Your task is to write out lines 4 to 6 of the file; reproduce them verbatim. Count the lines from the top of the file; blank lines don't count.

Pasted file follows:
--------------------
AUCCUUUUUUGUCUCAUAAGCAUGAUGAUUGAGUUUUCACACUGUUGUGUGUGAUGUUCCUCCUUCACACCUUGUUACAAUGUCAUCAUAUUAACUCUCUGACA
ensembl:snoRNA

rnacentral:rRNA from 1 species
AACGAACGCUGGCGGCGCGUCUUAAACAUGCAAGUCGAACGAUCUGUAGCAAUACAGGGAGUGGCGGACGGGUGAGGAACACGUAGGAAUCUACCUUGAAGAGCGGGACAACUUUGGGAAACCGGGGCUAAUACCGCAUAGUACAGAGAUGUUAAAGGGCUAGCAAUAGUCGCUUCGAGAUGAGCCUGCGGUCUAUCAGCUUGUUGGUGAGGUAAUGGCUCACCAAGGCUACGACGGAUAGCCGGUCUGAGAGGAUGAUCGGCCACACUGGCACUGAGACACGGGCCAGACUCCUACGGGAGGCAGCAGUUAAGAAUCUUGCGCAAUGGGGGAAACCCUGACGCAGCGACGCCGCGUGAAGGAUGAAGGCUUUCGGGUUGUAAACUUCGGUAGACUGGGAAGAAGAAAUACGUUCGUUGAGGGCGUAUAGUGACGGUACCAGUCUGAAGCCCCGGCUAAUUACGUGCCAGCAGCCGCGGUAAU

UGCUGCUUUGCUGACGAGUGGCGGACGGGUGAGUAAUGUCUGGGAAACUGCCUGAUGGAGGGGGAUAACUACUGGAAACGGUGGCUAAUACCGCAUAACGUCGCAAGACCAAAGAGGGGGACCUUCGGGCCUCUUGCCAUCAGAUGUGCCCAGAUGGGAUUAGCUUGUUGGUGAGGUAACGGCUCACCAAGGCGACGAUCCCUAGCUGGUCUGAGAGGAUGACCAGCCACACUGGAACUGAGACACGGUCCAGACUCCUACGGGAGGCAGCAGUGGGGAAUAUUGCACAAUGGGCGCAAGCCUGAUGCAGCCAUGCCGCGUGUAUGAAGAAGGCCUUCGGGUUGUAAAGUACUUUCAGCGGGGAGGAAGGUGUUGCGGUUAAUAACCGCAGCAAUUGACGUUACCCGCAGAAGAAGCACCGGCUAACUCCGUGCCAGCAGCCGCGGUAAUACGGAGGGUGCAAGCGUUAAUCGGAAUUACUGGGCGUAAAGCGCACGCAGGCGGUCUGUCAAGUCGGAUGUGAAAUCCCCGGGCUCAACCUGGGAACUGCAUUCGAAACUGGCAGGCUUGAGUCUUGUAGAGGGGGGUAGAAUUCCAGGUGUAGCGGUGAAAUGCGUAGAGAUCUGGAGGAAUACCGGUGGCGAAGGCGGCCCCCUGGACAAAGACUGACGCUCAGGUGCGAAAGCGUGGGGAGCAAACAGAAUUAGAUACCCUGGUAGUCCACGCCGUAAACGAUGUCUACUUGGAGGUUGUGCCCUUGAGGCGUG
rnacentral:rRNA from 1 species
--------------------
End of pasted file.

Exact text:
AACGAACGCUGGCGGCGCGUCUUAAACAUGCAAGUCGAACGAUCUGUAGCAAUACAGGGAGUGGCGGACGGGUGAGGAACACGUAGGAAUCUACCUUGAAGAGCGGGACAACUUUGGGAAACCGGGGCUAAUACCGCAUAGUACAGAGAUGUUAAAGGGCUAGCAAUAGUCGCUUCGAGAUGAGCCUGCGGUCUAUCAGCUUGUUGGUGAGGUAAUGGCUCACCAAGGCUACGACGGAUAGCCGGUCUGAGAGGAUGAUCGGCCACACUGGCACUGAGACACGGGCCAGACUCCUACGGGAGGCAGCAGUUAAGAAUCUUGCGCAAUGGGGGAAACCCUGACGCAGCGACGCCGCGUGAAGGAUGAAGGCUUUCGGGUUGUAAACUUCGGUAGACUGGGAAGAAGAAAUACGUUCGUUGAGGGCGUAUAGUGACGGUACCAGUCUGAAGCCCCGGCUAAUUACGUGCCAGCAGCCGCGGUAAU

UGCUGCUUUGCUGACGAGUGGCGGACGGGUGAGUAAUGUCUGGGAAACUGCCUGAUGGAGGGGGAUAACUACUGGAAACGGUGGCUAAUACCGCAUAACGUCGCAAGACCAAAGAGGGGGACCUUCGGGCCUCUUGCCAUCAGAUGUGCCCAGAUGGGAUUAGCUUGUUGGUGAGGUAACGGCUCACCAAGGCGACGAUCCCUAGCUGGUCUGAGAGGAUGACCAGCCACACUGGAACUGAGACACGGUCCAGACUCCUACGGGAGGCAGCAGUGGGGAAUAUUGCACAAUGGGCGCAAGCCUGAUGCAGCCAUGCCGCGUGUAUGAAGAAGGCCUUCGGGUUGUAAAGUACUUUCAGCGGGGAGGAAGGUGUUGCGGUUAAUAACCGCAGCAAUUGACGUUACCCGCAGAAGAAGCACCGGCUAACUCCGUGCCAGCAGCCGCGGUAAUACGGAGGGUGCAAGCGUUAAUCGGAAUUACUGGGCGUAAAGCGCACGCAGGCGGUCUGUCAAGUCGGAUGUGAAAUCCCCGGGCUCAACCUGGGAACUGCAUUCGAAACUGGCAGGCUUGAGUCUUGUAGAGGGGGGUAGAAUUCCAGGUGUAGCGGUGAAAUGCGUAGAGAUCUGGAGGAAUACCGGUGGCGAAGGCGGCCCCCUGGACAAAGACUGACGCUCAGGUGCGAAAGCGUGGGGAGCAAACAGAAUUAGAUACCCUGGUAGUCCACGCCGUAAACGAUGUCUACUUGGAGGUUGUGCCCUUGAGGCGUG
rnacentral:rRNA from 1 species